Is the Future of Robotic Surgery Already Here?

One day, a robot may be in charge of operating on you for a major surgery that may save your life. When do you think this day will come to pass? A hundred years from now? Or as early as tomorrow?

You may not realize it, but we’re already entering an era where robotic surgery is becoming the norm. The technology already exists and is being used in both animal and human applications, but it certainly has a long way to go before it starts to replace human surgeons—or does it?

Where Robot Surgery Stands Today

To understand where robotic surgery is going, we first have to understand where the technology stands today. These are just a few recent examples of how the technology has been used to improve human health and surgical outcomes:

  • As an alternative to fully open surgeries, a four-armed, 3D-projecting robotic machine known as da Vinci Si allows thoracic surgeons, like lung cancer specialists at Rush University, to perform precise operations with less tissue trauma. Less than 5 percent of thoracic surgeries currently employ this technology, but it can be extremely beneficial in offering more precise movements, and speeding up recovery time by operating through small incisions rather than major cuts. The da Vinci series of robotic systems are currently the only federally approved robotic surgery assistants, and are used in a variety of different surgical applications (though it is not available in all areas).
  • Magnetically controlled arms in the Stereotaxis Niobe system allow cardiovascular surgeons to maintain more control and access hard-to-reach portions of tissue in the cardiovascular system. It is often used when treating cardiac arrhythmia, and has regulatory clearance in the United States, European Union, and several other countries worldwide.
  • An automated surgery bot known as the Smart Tissue Autonomous Robot (STAR) has proven capable of performing some surgical procedures on pigs, such as sewing tissue. The machine operates on its own, but is currently being used with heavy human supervision. It’s designed to handle some of the more tedious and predictable surgical tasks, rather than full-scale operations on its own, and is nearing availability for human testing.

The Potential Future

Hypothetically, a sufficiently advanced surgical robot would have access to more data than its human counterparts, and would be able to operate with more precision and a smaller chance of error. It would be safer, more efficient, and possibly even cheaper to rely on a fleet of artificially intelligent, automated machines to handle this work. What we see today is merely the first step on this track of development, so what’s stopping us from achieving this safer, healthier reality?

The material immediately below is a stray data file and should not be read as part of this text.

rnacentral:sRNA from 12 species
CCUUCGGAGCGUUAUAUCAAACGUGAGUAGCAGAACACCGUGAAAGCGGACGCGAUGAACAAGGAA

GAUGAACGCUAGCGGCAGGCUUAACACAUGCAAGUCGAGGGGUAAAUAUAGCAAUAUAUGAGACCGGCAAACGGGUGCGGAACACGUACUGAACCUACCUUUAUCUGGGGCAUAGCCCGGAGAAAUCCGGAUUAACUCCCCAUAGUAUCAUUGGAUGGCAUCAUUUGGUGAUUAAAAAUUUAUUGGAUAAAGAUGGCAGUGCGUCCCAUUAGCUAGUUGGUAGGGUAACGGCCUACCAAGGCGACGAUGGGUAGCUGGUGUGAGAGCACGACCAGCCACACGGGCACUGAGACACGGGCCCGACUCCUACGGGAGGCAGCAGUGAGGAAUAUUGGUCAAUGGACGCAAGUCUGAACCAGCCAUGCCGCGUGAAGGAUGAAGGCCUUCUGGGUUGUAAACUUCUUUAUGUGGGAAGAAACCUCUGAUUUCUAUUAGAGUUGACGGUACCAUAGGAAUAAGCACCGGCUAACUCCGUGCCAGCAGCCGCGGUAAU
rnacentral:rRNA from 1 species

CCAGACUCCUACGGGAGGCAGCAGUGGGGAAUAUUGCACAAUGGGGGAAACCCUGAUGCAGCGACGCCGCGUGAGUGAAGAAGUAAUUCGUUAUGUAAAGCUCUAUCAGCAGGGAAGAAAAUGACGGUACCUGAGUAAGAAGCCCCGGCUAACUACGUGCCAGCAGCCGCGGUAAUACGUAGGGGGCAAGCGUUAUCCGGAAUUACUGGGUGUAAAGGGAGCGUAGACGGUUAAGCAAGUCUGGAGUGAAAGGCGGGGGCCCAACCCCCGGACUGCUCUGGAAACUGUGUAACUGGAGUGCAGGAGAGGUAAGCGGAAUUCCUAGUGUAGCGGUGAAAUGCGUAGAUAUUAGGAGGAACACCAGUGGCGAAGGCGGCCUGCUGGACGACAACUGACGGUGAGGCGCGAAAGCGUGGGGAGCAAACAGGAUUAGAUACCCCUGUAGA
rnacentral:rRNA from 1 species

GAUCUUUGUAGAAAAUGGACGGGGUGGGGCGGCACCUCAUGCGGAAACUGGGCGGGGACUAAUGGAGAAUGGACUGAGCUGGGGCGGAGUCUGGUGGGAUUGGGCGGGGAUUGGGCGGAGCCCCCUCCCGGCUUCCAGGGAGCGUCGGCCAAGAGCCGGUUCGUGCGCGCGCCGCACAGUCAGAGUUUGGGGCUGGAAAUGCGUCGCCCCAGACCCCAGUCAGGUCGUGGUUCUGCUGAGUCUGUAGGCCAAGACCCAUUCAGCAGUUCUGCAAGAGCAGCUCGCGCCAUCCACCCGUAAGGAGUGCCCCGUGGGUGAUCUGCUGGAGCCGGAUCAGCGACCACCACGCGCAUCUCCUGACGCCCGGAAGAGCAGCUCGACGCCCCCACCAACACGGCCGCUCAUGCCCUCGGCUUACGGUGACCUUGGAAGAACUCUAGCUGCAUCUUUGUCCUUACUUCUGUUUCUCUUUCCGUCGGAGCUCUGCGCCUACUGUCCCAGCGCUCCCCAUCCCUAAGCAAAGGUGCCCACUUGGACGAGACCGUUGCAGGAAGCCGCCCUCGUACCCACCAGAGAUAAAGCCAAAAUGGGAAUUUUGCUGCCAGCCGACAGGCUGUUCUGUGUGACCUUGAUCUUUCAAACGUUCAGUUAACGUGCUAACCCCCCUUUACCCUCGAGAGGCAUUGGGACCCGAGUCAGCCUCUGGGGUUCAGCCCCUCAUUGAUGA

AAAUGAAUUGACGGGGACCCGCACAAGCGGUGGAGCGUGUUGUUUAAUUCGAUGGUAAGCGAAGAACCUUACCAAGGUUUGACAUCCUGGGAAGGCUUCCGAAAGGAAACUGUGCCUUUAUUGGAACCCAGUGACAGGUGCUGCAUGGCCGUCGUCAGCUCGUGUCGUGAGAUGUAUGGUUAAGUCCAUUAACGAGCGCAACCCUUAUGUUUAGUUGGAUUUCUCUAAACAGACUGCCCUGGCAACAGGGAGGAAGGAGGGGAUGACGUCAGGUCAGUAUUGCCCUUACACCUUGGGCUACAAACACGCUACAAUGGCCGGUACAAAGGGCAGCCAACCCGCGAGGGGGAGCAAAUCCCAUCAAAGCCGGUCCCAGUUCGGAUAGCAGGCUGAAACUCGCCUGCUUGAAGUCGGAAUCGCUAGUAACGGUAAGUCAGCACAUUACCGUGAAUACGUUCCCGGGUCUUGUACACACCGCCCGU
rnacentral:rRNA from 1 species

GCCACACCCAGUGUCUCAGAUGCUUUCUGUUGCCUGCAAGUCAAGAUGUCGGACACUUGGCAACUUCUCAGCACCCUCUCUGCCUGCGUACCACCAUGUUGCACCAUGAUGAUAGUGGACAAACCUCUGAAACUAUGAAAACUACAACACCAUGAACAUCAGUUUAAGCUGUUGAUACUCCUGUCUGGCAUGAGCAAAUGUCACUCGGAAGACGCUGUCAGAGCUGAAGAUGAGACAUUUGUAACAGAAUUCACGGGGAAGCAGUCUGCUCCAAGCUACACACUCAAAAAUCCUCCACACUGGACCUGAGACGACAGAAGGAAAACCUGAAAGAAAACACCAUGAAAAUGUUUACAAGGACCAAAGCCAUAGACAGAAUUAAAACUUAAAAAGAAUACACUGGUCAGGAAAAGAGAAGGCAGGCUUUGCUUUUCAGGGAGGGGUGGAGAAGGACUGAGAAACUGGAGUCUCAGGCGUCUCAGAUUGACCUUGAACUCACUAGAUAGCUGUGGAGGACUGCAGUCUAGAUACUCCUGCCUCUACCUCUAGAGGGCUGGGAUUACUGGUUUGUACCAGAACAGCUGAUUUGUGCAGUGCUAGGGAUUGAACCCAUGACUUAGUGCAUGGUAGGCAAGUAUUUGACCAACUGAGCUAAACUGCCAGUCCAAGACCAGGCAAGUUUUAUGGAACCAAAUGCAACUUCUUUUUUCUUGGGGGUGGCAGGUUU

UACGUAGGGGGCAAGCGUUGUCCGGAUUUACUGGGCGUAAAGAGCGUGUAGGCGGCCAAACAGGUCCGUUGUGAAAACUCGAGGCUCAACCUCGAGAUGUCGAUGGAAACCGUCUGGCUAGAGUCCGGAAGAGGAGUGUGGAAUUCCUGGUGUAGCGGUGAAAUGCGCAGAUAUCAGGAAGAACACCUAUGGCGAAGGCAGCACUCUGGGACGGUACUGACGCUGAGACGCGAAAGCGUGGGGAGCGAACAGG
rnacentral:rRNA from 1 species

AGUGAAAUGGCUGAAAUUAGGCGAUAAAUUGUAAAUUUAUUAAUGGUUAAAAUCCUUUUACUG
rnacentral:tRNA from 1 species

Issues That Still Need to Be Addressed

These are the main issues preventing surgical robots from being more advanced and more widespread:

  • AI challenges. While some surgical procedures are routine and predictable, others are highly variable, with tissue that looks different depending on the individual patient. Developing an AI that can follow a series of steps but still be able to identify when a complication has emerged requires expertise, and juggling thousands of variables simultaneously. That’s why the only automated robots in circulation currently are focused on tedious, low-level tasks.
  • Backup plans. All robots are currently used in conjunction with humans, under close supervision, so that the human surgeon may take over in the event that something goes wrong. In a future where surgeries are automated, why kinds of backup plans will we have?
  • Security. Security is always a concern with new technology. What would happen if a hacker gains control of these automated devices, holding them hostage or threatening a patient’s life? How can we ensure they end up in the most responsible hands?
  • Testing ethics. Before robotic surgery technology rolls out to the general public, it needs to be tested on a number of human patients, but that produces an ethical dilemma; at what point are we comfortable subjecting human guinea pigs to these machines?
  • Patient acceptance. Finally, patients will need to consent to having robotic surgeons operate on them, and winning over the public trust is going to be a massive challenge. Fears of unpredictability or robot takeovers may halt an otherwise natural progression.

The world of robotically-controlled surgery is just starting to develop, but the future holds much promise. Researchers are working tirelessly to address the potential threats and challenges that automated surgeons hold, and iteratively, we’ll all come to accept the efficiency and reliability of these machines.

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